Almost everyone knows someone who had a problem and lost everything. Claims can, for example, allege professional liability, responsibility for a car accident, or unpaid creditors. Whether meritorious or not, defense can be enormously costly. With our litigious society, with limited risk for those making liability claims, asset protection planning has become required for many and highly desirable for many more.

In this issue of The Wealth Advisor, we will provide an introduction to asset protection planning (what it is, types of risk, when to plan, what to expect in the planning process, and levels of planning) and how you can get started.

What is Asset Protection Planning?
Asset protection planning is not about hiding or concealing assets. It is about using the existing laws appropriately to obtain the best possible level of protection for your assets – in other words, to make you a less desirable target for claimants.

Types of Risk
Professional Liability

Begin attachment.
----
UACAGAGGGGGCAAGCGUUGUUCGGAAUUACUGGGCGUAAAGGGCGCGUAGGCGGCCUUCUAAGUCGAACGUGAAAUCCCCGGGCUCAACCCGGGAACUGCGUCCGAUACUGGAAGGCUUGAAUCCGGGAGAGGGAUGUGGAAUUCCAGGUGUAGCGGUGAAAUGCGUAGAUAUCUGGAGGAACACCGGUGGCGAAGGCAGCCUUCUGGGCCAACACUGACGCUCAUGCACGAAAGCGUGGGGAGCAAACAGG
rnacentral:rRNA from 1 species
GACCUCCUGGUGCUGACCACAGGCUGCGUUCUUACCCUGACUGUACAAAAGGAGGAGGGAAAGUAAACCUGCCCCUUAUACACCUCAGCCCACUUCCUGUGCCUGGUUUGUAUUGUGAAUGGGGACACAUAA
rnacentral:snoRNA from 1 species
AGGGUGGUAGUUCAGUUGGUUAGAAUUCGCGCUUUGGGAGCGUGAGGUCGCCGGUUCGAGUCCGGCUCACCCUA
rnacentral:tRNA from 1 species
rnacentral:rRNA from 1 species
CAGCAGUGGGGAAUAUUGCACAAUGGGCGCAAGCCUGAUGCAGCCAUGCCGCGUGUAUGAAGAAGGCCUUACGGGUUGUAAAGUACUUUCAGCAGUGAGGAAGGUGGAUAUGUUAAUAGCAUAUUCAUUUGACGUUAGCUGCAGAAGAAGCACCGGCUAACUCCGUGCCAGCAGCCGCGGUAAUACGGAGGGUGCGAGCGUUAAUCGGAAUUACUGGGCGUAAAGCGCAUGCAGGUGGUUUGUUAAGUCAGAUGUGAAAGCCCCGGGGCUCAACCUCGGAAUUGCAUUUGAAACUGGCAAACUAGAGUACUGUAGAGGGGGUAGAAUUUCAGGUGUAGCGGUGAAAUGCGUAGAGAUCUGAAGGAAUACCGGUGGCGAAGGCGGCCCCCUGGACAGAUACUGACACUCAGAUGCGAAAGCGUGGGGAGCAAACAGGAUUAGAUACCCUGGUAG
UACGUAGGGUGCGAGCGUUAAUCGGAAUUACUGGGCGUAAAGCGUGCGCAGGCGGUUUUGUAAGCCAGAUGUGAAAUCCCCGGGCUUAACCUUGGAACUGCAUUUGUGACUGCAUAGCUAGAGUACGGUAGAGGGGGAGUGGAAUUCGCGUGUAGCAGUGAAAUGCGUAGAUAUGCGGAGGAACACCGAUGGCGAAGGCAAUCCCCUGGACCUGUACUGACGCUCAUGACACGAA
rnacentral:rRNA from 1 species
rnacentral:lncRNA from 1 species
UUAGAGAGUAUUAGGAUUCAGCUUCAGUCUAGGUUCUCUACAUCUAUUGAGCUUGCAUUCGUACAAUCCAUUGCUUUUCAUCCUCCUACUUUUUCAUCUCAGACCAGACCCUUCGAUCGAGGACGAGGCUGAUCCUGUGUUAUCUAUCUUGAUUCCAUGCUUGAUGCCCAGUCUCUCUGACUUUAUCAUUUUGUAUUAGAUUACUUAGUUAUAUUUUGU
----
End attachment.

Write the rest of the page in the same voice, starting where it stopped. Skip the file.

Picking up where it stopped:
Physicians, dentists, other health care professionals, lawyers, accountants, and sometimes people whose business enterprises pertain to health care, such as skilled nursing facilities and assisted living facilities, are frequent targets for claims. Those in construction (architects, builders, developers) also have professional liability concerns.

As a general rule, nobody can limit their own professional liability through a legal device. That’s why professionals carry malpractice insurance. But there are other areas of risk against which professionals can and should protect themselves.

Professional and Personal Liabilities of a Partner
In a general partnership, each partner is liable for all claims arising out of partnership activities. Verbal partnerships are always general partnerships. Only in a limited partnership can the partners be protected from liability for the malpractice of the other partners. In a multi-owner entity in which an owner is married, protection may also be needed against a partner’s next spouse becoming an owner.

Non-Professional Personal Liabilities
These include liabilities for business deals (for example real estate) that have gone bad and tort claims (such as for car wrecks). In any business there could be non-professional liability claims based on employment practices, alleged employment discrimination, and alleged sexual harassment, to name just a few.

Other General Liabilities